The Codling Moth, or Cydia (Laspeyresia) pomonella is an insect that primarily infests apples, pears, English walnuts and rarely cherries, leaving its excrement called “Frass”. Codling Moths have an extensive distribution all over the world. These pests can be found mostly in Northern America, Europe, and Southern Russia.

A full-grown adult Codling Moth measures about ½ to ¾ inch long with spotted gray wings with brown tips, which shroud its body. The larvae are white to light pink color worm-like caterpillars with dark brown heads. The instar larva is 1/10 inches while a full-grown larva is ½ to ¾ inches. The eggs, which get darkened as they hatch, are tiny, disc-shaped and are usually deposited singly on fruits, nuts, leaves or branches.

Damage Caused By Codling Moths

The Codling Moths introduce themselves into the fruit from any part of the surface of the fruit. But they often damage areas that provide some coverage such as the stem end, the calyx end or where one fruit comes in contact

Codling Moth entry on apple

 Codling Moth entry on apple

with another.

Comparing to the apples and pears, walnuts are not the most favored fruits of the Codling Moth larvae. Rarely, the larvae have been found in cherries, peaches, and large-fruited crab apples. Although the moth control in these crops are not necessary, it is important to realize that the larvae from these crops could migrate into nearby apple and pear trees.

Management and Damage Control

  • The effectiveness of the Codling Moth control and management system is dependent upon the extension of the infestation, the climate, type of crop, and the attitude of the grower. It is necessary to implement these actions at the first sighting of the damaged crops.
  • The Codling Moth larvae have higher tendency to infest fruit through an entry point from where the fruit is most covered, especially where one fruit is in contact with another. Fruit thinning will not only prevent the migration of larvae from the infested fruit to the other, but also it will provide better spray coverage for spray programs.
  • Fruits that are already infested and still contain larvae should be picked and destroyed. The infested fruit could be identified by evidence of entry points.


  • A successful interruption of the pupation dependent upon the coverage of the pupation sites. Removal of the debris sheltering the base of the tree can uncover the sites. The flaps of the tree barks of the older trees which could serve as ground for the larvae to overwinter into a grown insect, need to be destroyed.

Trunk Banding

  • A traditional method that traps mature larvae in a cardboard band as they climb the trunk seeking a place to pupate. This method is effective on varieties of trees with smooth barks, such as “Red Delicious Apple” which do not provide alternative pupation sites, provoking the larvae to enter the trap. It is important to constantly check the traps consistently. If these bands are not removed and destroyed in time, it will enhance the extension of the infestation.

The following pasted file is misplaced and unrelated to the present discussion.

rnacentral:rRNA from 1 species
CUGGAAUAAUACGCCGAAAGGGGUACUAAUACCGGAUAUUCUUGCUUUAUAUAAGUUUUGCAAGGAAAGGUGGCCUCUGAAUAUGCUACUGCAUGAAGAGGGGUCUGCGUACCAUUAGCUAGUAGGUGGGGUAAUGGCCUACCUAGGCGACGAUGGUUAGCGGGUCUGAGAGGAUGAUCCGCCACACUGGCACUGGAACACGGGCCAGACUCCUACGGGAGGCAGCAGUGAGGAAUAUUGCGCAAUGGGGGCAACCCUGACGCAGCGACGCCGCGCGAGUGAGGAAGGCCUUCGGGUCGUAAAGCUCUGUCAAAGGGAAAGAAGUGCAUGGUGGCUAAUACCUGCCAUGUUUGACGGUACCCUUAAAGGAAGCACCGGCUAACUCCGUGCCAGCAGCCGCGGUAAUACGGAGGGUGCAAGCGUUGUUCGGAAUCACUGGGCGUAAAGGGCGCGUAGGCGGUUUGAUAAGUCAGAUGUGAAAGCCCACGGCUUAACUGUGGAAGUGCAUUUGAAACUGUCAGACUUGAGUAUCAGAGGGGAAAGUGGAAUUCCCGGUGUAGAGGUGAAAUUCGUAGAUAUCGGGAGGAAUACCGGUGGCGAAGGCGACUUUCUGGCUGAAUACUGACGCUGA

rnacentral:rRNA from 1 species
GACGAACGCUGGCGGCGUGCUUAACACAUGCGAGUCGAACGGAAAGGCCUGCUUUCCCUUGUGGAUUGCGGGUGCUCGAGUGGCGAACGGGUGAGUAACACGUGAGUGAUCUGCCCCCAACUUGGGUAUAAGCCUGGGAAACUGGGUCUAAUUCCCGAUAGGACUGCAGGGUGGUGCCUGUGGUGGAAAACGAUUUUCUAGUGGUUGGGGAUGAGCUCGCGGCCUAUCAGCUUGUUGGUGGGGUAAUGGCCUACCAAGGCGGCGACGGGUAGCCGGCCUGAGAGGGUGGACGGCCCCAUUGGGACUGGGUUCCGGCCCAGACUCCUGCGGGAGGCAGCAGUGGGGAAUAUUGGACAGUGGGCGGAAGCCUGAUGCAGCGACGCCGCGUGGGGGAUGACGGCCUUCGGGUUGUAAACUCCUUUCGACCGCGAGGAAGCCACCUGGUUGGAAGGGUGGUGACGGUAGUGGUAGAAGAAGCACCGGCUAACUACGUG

• Individual fruit of the size ½ to 1 inch diameter may be covered to protect the fruit from infestation by small
    Codling Moth

             An adult codling moth

    paper bags. A slit cut in the bottom can allow the bag to be slipped over the fruit and the opening should then be stapled.

Growing crops with varietal differences

  • Growing fruits with varietal differences that are firmer than the usual fruits will make them less susceptible for the moths to enter the fruit. These fruits can also be harvested sooner.

Biological Control

  • Releasing of the tiny parasitic wasp Trichogramma platneri have been used to manage codling moth in combination with mating disruption or soft pesticides, especially in walnuts and pears.


  • Conventional insecticides to manage the Codling Moths include products such as, Cabaryl, Imidan, Sevin, Acetamiprid, Permethrin, and Malathion. Moreover, Horticulture mineral oil, organic materials such as Spinosad, Entrust, and products such as Kaolin Clay, Intrepid (methoxyfenozide) and Esteem (pyriproxifen) with low toxicity could be used in lieu of or along with strong toxins.


  • Codling moth pheromone traps are important for monitoring flight activity of moths to help time insecticide treatments. These will attract only males and have no effect on the females.
  • The usage of Bug Zappers by commercial growers have proven to be effective on both male and female insects. The disadvantage of using a Bug Zapper is that it might terminate large numbers of beneficial insects.



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